The ITER fusion reactor (https://www.iter.org/) is a scientific-technical experiment, being built in the south of France. Its aim is the demonstration of the technical feasibility of controlled nuclear fusion for energy production. The international partners who are taking part in the construction of the device are the European Union, the United States, China, Russia, Korea, Japan and India. The executive responsibility is with the ITER International Organization (ITER IO), under the auspices and direction of the ministerial level ITER Council.
The ITER is a tokamak-type fusion device, where the proper diagnostics of the 100-million-degree-Celsius plasma is a task of utmost importance. One of the important subsystem of plasma diagnostics systems is the special electrical infrastructure that serve them. Since in the ITER’s vacuum chamber, where the plasma is generated, very unique physical conditions exist (neutron/gamma radiation, thermomechanical and electromagnetic loads, etc.), the subsystems that serve the plasma diagnostic systems have to comply with extraordinary requirements, naturally along with the requirements dictated by the diagnostic experiment itself.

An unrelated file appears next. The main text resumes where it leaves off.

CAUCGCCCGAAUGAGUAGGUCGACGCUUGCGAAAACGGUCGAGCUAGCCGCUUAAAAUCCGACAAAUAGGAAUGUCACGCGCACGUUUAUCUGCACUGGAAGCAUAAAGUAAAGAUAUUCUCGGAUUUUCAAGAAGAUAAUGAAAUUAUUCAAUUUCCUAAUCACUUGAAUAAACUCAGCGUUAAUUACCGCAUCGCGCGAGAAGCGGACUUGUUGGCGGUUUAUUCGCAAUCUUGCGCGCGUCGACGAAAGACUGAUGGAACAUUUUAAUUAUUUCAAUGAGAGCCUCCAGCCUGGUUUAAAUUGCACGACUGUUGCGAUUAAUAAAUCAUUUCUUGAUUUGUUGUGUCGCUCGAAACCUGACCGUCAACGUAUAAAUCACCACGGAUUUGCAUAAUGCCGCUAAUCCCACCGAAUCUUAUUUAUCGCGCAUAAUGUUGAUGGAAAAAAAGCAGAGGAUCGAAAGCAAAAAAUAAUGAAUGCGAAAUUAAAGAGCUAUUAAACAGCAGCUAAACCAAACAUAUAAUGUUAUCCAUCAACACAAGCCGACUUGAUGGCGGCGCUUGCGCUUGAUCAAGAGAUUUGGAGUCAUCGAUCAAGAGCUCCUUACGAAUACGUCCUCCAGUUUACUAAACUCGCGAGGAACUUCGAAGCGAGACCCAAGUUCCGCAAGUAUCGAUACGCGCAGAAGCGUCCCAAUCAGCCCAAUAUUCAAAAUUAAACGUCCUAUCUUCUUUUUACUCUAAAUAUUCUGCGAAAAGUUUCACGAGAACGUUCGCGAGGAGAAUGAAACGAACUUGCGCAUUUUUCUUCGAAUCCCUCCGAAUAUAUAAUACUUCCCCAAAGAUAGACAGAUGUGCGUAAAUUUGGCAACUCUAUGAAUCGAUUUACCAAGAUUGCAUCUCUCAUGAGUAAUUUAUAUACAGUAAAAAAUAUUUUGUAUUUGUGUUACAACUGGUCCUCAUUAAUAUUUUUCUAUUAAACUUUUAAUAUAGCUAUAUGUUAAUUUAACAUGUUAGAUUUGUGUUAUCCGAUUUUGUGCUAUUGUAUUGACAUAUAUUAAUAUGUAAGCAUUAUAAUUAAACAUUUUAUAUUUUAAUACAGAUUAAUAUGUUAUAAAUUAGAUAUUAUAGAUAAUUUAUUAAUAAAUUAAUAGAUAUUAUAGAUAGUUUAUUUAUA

In the diagnostic racks of the equatorial ports as well as in the remotely serviced lower ports, the fixing of the electrical cables is not at all resolved, and as such requires one-off development, one-off design, testing and manufacturing. The aim of the present project is the R&D of the special clamping mechanisms that hold the running cables.